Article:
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abstract = "Currently, epithelial ovarian cancer is viewed as a heterogeneous disease with five major histological subtypes. Clear cell carcinoma represents a specific histological subtype of epithelial ovarian cancer that demonstrates more aggressive clinical behavior and drug resistance compared with other subtypes. Nevertheless, clear cell carcinoma is treated in the same manner as the other subtypes without any particular consideration to its unique clinical characteristics. To improve the therapeutic efficacy of the current liposomal doxorubicin approach for the treatment of clear cell carcinoma, we aimed to develop a novel peptide-conjugated liposomal doxorubicin to actively target this subtype. Two phage clones (OC-6 and OC-26) that specifically bound to clear cell carcinoma were isolated from a phage peptide display library after biopanning procedures. The peptide sequences were translated and aligned (OCSP-6 for OC-6, and OCSP-26 for OC-26, respectively). Peptide-conjugated nanoparticles demonstrated better tumor endocytosis and time-dependent gradual increase of intracellular drug uptake than non-targeting liposomal nanoparticles. Furthermore, peptide-conjugated liposomal doxorubicin better controlled tumors than did non-targeting liposomal doxorubicin. The current work may pave a new way for the development of drugs that target each subtype of epithelial ovarian cancer in the future.",
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AU - He, Chun-Lin

AU - Wu, Han-Chung

AU - Chuang, Chi-Mu

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N2 - Currently, epithelial ovarian cancer is viewed as a heterogeneous disease with five major histological subtypes. Clear cell carcinoma represents a specific histological subtype of epithelial ovarian cancer that demonstrates more aggressive clinical behavior and drug resistance compared with other subtypes. Nevertheless, clear cell carcinoma is treated in the same manner as the other subtypes without any particular consideration to its unique clinical characteristics. To improve the therapeutic efficacy of the current liposomal doxorubicin approach for the treatment of clear cell carcinoma, we aimed to develop a novel peptide-conjugated liposomal doxorubicin to actively target this subtype. Two phage clones (OC-6 and OC-26) that specifically bound to clear cell carcinoma were isolated from a phage peptide display library after biopanning procedures. The peptide sequences were translated and aligned (OCSP-6 for OC-6, and OCSP-26 for OC-26, respectively). Peptide-conjugated nanoparticles demonstrated better tumor endocytosis and time-dependent gradual increase of intracellular drug uptake than non-targeting liposomal nanoparticles. Furthermore, peptide-conjugated liposomal doxorubicin better controlled tumors than did non-targeting liposomal doxorubicin. The current work may pave a new way for the development of drugs that target each subtype of epithelial ovarian cancer in the future.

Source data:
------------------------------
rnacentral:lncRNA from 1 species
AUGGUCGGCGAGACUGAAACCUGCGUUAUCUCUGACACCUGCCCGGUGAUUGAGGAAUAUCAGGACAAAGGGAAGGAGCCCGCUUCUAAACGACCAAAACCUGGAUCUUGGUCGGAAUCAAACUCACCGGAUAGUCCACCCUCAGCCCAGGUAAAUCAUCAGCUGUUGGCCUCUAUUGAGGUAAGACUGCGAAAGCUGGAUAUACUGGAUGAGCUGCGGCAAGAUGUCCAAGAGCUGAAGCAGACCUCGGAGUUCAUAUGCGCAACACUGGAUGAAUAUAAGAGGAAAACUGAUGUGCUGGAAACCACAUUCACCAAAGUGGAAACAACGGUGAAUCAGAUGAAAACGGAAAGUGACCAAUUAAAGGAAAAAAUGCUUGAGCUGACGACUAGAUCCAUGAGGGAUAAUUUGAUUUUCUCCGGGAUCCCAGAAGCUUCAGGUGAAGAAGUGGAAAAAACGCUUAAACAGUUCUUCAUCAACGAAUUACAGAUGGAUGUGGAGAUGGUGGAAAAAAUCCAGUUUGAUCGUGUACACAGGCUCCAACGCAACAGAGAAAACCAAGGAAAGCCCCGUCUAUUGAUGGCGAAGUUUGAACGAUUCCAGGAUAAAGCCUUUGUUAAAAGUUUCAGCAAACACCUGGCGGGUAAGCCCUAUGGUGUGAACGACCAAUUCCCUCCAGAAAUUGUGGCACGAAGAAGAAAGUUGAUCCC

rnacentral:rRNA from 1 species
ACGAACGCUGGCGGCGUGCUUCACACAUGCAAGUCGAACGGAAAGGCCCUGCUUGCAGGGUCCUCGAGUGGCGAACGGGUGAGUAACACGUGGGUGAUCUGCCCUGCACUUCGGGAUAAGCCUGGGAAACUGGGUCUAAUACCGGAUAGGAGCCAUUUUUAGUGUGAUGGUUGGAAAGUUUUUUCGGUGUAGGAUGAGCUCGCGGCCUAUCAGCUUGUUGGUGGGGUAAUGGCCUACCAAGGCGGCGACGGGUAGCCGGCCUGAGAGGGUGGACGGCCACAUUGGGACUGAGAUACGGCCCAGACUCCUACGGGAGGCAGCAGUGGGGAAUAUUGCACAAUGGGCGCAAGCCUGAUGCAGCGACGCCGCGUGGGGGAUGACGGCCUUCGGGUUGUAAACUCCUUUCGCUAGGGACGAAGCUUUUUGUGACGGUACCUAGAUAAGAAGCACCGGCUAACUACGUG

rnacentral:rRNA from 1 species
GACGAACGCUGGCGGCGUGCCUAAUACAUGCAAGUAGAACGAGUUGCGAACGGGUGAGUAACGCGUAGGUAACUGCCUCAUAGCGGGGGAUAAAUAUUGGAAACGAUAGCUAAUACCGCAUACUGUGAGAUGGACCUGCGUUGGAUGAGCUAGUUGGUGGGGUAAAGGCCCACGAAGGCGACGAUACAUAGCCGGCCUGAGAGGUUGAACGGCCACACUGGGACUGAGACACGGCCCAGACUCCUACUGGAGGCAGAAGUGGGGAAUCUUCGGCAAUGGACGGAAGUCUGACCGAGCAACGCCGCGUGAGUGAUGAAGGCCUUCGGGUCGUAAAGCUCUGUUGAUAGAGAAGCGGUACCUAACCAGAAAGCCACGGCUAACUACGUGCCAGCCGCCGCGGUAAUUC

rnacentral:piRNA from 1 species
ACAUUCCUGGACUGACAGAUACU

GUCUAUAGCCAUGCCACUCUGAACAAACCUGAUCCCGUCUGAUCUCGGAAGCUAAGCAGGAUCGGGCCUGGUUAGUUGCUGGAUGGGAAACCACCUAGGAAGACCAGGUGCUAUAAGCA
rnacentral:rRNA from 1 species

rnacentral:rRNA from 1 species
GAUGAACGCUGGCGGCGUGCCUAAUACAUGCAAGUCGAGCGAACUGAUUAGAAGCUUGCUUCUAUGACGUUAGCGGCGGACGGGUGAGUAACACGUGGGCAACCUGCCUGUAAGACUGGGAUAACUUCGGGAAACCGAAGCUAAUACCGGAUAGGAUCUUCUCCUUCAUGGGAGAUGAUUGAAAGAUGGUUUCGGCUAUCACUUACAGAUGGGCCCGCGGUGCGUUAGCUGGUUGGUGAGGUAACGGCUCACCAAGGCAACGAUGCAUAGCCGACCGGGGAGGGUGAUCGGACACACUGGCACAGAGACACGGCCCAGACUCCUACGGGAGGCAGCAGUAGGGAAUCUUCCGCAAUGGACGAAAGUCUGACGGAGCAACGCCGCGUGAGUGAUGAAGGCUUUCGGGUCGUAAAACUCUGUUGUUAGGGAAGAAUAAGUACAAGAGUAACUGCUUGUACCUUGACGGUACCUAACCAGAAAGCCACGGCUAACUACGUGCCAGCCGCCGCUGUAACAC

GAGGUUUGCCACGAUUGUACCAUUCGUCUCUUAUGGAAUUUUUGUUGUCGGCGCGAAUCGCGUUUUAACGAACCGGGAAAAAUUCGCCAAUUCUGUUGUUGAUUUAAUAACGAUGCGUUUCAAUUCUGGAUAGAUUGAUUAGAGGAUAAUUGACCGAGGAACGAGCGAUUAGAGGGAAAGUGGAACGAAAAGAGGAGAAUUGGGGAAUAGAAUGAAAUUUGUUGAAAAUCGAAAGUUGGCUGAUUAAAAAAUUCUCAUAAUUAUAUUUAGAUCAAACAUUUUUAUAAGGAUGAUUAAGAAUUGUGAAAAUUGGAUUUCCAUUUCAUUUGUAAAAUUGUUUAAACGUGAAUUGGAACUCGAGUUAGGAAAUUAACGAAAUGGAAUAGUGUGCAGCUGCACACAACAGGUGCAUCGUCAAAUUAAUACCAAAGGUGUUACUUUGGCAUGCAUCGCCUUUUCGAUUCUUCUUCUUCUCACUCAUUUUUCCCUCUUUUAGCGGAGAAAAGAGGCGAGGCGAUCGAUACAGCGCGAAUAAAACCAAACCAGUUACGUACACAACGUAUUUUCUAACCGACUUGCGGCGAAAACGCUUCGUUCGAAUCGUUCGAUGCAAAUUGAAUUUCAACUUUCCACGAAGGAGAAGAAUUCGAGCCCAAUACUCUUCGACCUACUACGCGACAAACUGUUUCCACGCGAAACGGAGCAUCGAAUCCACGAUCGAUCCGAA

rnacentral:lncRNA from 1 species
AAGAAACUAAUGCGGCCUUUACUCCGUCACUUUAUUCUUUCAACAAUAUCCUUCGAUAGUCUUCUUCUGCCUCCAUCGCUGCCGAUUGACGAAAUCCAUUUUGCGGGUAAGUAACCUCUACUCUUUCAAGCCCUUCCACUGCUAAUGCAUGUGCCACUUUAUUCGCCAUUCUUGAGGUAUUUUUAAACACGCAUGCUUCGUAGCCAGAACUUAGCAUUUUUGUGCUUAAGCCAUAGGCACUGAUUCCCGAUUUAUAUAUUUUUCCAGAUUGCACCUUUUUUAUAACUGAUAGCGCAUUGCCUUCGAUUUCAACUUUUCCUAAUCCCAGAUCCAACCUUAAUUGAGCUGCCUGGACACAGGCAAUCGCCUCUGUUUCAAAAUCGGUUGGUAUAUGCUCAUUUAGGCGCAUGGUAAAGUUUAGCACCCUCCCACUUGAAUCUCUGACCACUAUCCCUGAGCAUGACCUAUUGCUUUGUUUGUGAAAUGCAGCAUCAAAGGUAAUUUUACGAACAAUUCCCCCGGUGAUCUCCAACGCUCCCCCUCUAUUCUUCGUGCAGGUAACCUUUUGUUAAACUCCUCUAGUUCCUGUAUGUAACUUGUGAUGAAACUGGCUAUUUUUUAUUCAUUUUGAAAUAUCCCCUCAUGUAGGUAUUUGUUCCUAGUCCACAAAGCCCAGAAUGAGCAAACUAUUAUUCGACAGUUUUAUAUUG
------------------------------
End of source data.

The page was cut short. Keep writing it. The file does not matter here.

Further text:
AB - Currently, epithelial ovarian cancer is viewed as a heterogeneous disease with five major histological subtypes. Clear cell carcinoma represents a specific histological subtype of epithelial ovarian cancer that demonstrates more aggressive clinical behavior and drug resistance compared with other subtypes. Nevertheless, clear cell carcinoma is treated in the same manner as the other subtypes without any particular consideration to its unique clinical characteristics. To improve the therapeutic efficacy of the current liposomal doxorubicin approach for the treatment of clear cell carcinoma, we aimed to develop a novel peptide-conjugated liposomal doxorubicin to actively target this subtype. Two phage clones (OC-6 and OC-26) that specifically bound to clear cell carcinoma were isolated from a phage peptide display library after biopanning procedures. The peptide sequences were translated and aligned (OCSP-6 for OC-6, and OCSP-26 for OC-26, respectively). Peptide-conjugated nanoparticles demonstrated better tumor endocytosis and time-dependent gradual increase of intracellular drug uptake than non-targeting liposomal nanoparticles. Furthermore, peptide-conjugated liposomal doxorubicin better controlled tumors than did non-targeting liposomal doxorubicin. The current work may pave a new way for the development of drugs that target each subtype of epithelial ovarian cancer in the future.